10 Best Examples Of Movies With A ‘Chekhov’s Gun’

Don't make promises you don't mean to keep.

Bruce Willis Fifth Element

Anton Pavlovich Chekhov was a Russian playwright and short-story writer who is considered to be among the greatest writers of short fiction in history. He produced four plays, and his best short stories are held in high esteem by writers and critics due to his dedication to elevating the quality of the genre.

Chekhov's Gun is a dramatic principle that he ascribed to where he stated that everything irrelevant should be removed from a story, leaving only elements that are vital to plot points. He argued that it was wrong to make 'false promises' to the audience by showing things that never lead to anything in the story. It has come to be accepted as the occasion when a seemingly inconsequential object or event in a movie is later revealed to be of important significance.

The James Bond franchise uses this concept repeatedly, with Q demonstrating his clever new gadgets to Bond at the beginning of each film, and every feature encompassed in them coming to his aid later on in the story. The idea is very satisfying for the viewer, as it means a twist ending has been properly set up and is earned, not coming out of nowhere.

There are many examples of movies with Chekhov's Guns, but here are 10 of the best (warning - spoilers).

10. The Fifth Element - Match

Bruce Willis Fifth Element
Gaumont Buena Vista International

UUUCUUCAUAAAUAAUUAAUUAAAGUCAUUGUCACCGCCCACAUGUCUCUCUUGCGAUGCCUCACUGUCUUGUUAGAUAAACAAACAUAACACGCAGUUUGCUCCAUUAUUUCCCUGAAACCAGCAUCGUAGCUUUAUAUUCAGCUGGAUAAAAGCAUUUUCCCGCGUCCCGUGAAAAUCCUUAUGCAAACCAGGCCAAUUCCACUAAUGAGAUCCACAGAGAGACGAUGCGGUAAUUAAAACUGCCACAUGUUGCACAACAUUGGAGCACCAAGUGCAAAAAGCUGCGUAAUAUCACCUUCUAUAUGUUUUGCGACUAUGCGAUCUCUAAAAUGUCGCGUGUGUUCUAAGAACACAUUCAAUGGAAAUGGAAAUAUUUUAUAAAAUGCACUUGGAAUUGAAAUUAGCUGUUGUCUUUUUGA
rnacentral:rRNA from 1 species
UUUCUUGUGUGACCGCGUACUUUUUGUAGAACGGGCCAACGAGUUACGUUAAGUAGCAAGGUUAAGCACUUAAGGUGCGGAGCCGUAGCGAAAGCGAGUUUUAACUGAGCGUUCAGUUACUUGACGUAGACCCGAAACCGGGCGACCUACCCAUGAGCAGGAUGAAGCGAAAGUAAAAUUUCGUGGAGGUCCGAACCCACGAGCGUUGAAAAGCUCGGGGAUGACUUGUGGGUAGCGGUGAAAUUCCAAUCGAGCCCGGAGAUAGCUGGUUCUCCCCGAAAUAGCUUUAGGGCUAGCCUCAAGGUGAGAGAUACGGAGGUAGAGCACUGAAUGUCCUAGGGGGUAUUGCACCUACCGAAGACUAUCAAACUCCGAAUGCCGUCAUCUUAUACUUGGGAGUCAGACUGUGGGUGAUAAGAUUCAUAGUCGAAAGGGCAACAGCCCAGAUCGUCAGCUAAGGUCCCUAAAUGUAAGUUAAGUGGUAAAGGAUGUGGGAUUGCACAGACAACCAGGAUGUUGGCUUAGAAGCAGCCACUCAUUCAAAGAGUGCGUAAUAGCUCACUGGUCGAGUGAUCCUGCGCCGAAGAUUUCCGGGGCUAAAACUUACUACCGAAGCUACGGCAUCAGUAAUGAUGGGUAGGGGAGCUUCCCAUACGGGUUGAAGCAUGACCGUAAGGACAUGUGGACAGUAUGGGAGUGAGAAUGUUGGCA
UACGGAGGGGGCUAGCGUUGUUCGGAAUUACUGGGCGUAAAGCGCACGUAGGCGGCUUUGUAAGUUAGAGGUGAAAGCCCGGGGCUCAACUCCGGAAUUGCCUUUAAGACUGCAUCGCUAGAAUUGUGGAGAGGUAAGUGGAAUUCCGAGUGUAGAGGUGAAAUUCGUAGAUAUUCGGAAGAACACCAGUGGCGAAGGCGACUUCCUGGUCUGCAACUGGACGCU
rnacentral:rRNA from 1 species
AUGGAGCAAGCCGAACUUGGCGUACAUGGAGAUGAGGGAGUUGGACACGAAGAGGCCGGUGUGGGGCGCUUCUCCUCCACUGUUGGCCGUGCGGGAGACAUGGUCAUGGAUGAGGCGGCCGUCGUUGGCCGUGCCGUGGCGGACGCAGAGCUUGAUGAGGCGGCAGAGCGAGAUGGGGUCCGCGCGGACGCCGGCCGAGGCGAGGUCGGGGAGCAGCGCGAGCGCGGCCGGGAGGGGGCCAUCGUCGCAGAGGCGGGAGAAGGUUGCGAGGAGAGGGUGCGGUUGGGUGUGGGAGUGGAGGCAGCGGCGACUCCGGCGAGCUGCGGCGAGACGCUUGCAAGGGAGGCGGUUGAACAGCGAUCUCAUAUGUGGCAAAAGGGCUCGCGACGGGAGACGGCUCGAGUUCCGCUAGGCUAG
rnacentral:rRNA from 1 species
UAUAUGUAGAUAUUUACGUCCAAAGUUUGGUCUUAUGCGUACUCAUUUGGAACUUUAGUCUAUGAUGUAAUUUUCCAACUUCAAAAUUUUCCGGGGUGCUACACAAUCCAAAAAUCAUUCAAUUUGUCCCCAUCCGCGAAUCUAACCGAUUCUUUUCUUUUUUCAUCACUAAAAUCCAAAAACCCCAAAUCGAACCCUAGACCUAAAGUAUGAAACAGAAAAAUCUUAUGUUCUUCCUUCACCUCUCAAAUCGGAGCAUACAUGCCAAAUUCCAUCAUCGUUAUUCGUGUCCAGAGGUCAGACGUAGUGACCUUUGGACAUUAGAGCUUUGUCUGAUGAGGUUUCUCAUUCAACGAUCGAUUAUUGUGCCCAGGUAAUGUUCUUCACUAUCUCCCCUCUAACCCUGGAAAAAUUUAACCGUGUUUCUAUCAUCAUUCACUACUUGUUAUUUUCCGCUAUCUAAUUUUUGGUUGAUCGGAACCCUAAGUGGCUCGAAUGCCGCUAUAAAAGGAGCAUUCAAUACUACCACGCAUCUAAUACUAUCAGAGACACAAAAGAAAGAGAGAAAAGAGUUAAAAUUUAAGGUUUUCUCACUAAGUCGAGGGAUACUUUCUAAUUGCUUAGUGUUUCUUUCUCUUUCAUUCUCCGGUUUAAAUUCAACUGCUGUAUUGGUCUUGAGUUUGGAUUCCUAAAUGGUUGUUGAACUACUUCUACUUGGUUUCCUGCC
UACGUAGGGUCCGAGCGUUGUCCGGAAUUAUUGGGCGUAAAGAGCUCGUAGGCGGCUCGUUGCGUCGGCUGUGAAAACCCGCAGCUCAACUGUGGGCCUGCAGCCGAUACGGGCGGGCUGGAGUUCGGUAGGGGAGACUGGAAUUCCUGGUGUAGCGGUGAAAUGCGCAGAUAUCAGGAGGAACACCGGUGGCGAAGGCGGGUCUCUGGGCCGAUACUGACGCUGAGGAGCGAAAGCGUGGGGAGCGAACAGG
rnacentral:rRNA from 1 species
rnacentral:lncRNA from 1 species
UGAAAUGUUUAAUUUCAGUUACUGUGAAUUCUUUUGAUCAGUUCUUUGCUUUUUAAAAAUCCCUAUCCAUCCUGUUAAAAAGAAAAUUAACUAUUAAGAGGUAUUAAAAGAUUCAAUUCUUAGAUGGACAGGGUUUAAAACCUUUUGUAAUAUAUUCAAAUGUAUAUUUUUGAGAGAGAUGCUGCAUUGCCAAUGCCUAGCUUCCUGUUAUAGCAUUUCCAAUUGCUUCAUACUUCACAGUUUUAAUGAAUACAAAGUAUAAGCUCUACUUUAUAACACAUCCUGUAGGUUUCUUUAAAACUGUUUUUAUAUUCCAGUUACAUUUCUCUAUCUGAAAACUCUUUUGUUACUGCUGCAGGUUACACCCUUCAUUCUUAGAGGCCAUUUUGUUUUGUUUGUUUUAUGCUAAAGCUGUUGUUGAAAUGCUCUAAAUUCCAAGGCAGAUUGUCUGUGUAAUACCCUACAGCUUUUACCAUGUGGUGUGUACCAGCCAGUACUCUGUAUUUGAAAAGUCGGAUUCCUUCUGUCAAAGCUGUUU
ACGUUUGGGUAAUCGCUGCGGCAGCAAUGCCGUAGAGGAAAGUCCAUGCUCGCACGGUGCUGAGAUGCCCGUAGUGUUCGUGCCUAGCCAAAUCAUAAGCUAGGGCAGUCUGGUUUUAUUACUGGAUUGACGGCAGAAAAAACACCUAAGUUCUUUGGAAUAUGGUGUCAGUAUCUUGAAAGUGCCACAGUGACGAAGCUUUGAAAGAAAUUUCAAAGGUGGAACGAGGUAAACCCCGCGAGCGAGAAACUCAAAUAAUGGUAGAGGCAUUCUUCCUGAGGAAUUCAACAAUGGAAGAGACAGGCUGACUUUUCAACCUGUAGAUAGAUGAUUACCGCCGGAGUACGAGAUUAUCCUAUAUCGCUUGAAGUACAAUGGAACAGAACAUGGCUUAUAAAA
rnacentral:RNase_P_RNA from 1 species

Taxi driver Korben Dallas is attempting to give up smoking, with a clever machine that rations him to four cigarettes a day. Endeavouring to find a match, he searches around his flat, finding empty match boxes until he finally discovers one with two left. He uses one to light his cigarette, putting the box with the other one in his pocket.

The scene is forgotten about until the end of the film when he and his associates attempt to activate the four element stones and Ruby Rhod exclaims that he has no fire to set off the fire stone. Luckily Korben remembers his last match and manages to light it, saving the day from the aliens.

Korben could have easily had a match in his pocket anyway, but the fact it was shown early in the film why he had one on him, and that it was his last one, helped to build the tension and make the solution more satisfying for the viewer.

It was the one element that they couldn’t access using bodily functions or dust found in the room so it was pivotal that he had put it in his pocket rather than back down on the shelf, which he could have done considering he only had cigarettes at home!


Acclaimed horror novelist and screenwriter... just kidding, eats pizza and watches horror movies with her cat